No one ever asked me about my activity (I guess it may have been assumed I was) but as the guest, the families I visited asked me to pray.  And so I did.  I don’t routinely bless my food (never have) but with them, I prayed like I would have as a missionary.  Although a bit unnerving, I have to say that it was just good to pray with them, to feel the connection of faith, no matter what it is.  That is the way I felt when I was a missionary and prayed with investigators who did not share my classic Mormon faith.  It made me realize that the one thing I really believe in right now is prayer.  And with time, if I maintain contact, I will share with them how I have changed.  For now it is just interesting to see how the seasons have changed my faith and what “fog remnants” of my faith are still reflected on my soul.

Tree Reflection So while this entry may best serve as an introduction to myself, a couple questions I have for discussion follow:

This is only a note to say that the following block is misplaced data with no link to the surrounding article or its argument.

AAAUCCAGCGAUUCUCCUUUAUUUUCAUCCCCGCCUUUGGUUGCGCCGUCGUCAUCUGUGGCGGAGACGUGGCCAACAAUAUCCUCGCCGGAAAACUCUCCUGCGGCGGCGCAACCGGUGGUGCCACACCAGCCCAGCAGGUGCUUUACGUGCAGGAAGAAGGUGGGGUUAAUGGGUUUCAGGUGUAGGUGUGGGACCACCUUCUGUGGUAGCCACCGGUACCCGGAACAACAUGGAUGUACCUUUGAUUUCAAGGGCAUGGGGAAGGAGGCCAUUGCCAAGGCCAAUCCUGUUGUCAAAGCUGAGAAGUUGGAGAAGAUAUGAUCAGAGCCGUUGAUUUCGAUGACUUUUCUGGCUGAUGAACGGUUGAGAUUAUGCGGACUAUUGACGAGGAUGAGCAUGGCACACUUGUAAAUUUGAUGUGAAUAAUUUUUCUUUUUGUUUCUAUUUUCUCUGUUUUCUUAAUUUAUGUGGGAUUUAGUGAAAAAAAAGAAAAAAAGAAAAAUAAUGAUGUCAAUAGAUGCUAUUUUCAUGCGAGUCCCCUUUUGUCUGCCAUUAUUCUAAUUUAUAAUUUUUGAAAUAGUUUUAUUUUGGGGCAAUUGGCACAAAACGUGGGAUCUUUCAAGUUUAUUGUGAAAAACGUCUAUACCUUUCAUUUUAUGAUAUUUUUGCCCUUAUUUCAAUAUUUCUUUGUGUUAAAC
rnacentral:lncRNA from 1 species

If your faith has shifted, how do you share that with those who have known you differently?

Do you think many people (active or inactive) go back and visit their mission and why or why not?

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The Prayer of a Stranger

Posted on August 22, 2008. Filed under: Doubt, faith, Friendship | Tags: , , |

by Jana
Cross-posted from pilgrimsteps.com

Interfaith Prayer March by John Remy

Interfaith Prayer March by John Remy

Upon waking in the recovery room from my recent surgery, I realized that I couldn’t breathe. I gasped and gasped, trying to scream to let someone know that I couldn’t get enough air. Soon a nurse was at my bedside, placing an oxygen mask over my face, asking me questions about my asthma history that I couldn’t answer. Apparently she added a breathing treatment to the flow of oxygen and I was soon able to draw in air without so much struggle.